“Maybe it isn’t true,” suggested Jack gently. “And, even if there was a wreck, maybe your folks were saved. Maybe they changed their minds at the last minute and didn’t sail. I wouldn’t worry if I were you.”
“I—I can’t help it,” whispered Tom. “Dad and mother are—missing! This is bad news—bad news!”
Jack put his arm around his chum.


While the car is speeding back to Elmwood Hall, bearing Tom and his chums, and while our hero is endeavoring to bear up under the strain of the unexpected and bad news that came to him, I will take the opportunity to tell you something more about him and his friends.
As related in the first book of this series, entitled “Tom Fairfield’s Schooldays,” the reason why he went to Elmwood Hall was because his father and mother had to go to Sydney, Australia, to settle some business affairs about a valuable property inheritance. They did not want to take Tom with them, and so break up his schooling, so they picked out Elmwood Hall for him to attend.
The same day that Tom received the news about going to boarding school and heard that his parents were to start on a long trip, he met Bruce Bennington, who had motored out to where Tom lived, in Briartown. Bruce borrowed Tom’s boat for a row, and Tom was at once struck with the air of trouble that brooded over the student—for Bruce let it be known that he was a Senior at Elmwood Hall.
A little later, Tom started for the place of learning. Almost at the outset he made an enemy of Sam Heller and his crony Nick Johnson. But our hero also made friends, his chief one being Jack Fitch, with whom he roomed in Opus Manor, the dormitory of the Freshmen.
Doctor Pliny Meredith was head master of Elmwood Hall, and among the teachers was Dr. Livingston Hammond, a stout, jolly gentleman, sometimes called the “Live Wire.” Doctor Meredith was known as “Merry,” because, as Jack Fitch said, “he was so solemn,” though not at all grim or forbidding.
There was also a certain Professor Burton Skeel, who was counted one of the most unpleasant of instructors. It was he who had made trouble for Bruce Bennington, in the matter of a forged promissory note, which threatened to ruin the career of the Senior.
But Tom was able to help Bruce in an unexpected way, and get possession of the note. The duplicity of Mr. Skeel was exposed, and he left Elmwood Hall. Not before, however, he had been the cause of considerable trouble.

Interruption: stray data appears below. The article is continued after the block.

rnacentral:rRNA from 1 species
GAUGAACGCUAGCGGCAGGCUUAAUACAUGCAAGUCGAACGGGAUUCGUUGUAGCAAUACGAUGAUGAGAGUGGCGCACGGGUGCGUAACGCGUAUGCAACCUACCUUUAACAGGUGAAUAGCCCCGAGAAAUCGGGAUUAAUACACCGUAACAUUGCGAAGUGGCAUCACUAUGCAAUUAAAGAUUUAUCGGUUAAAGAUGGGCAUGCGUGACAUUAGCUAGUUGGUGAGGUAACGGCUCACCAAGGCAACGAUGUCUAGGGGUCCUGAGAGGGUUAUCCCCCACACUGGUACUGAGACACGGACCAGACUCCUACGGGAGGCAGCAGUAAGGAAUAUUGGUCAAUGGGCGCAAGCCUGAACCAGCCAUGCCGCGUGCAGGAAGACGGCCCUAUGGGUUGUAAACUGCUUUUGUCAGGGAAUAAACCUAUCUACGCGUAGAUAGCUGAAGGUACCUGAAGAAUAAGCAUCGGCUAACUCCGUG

His treatment of the students was so harsh that Tom proposed that they go on “strike” against him, and refuse to enter his class room. They did, Tom leading the revolt.

Our hero also led the escape from the school, when the whole Latin division of the Freshman class was made prisoners. The boys intended to desert to town, and stay there until Mr. Skeel was removed, but they lost their way in a storm, and had to come back.
Tom, however, had prepared an effigy of the unpopular instructor, and in the midst of a blinding snowstorm this effigy was burned on the flag pole, Mr. Skeel trying in vain to stop the student’s fun.
Thus the strike was broken, and Tom and his chums won, a new Latin instructor being engaged, and Doctor Meredith, though somewhat startled by the curious revolt in his school, managed to get material from it for a paper which he read before a very learned society.
But it was not all unpleasantness and strikes during Tom’s time at the school. He had spreads, he took part in a big football game, and made a sensational run, and he was champion of his class in the annual skating race, though Sam Heller tried to trip him.
Mr. and Mrs. Brokaw Fairfield, Tom’s parents, had remained in Australia ever since September, when they went there, to settle up the matter of the property that had been left to them. Tom had spent the between-term vacations with Jack Fitch, but the Easter one, his parents wrote him, they wished him to spend with an aged aunt.
“And—and, maybe that’s the last letter I’ll ever get from them,” thought our hero gloomily.
He was, as I have said, on his way back to the Hall from the theatrical performance, when Jack Fitch had unexpectedly come upon the item of bad news.
“Say, maybe this is nothing but a newspaper yarn,” suggested Bert Wilson,

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Tom Fairfield at Sea; or, The Wreck of the Silver Star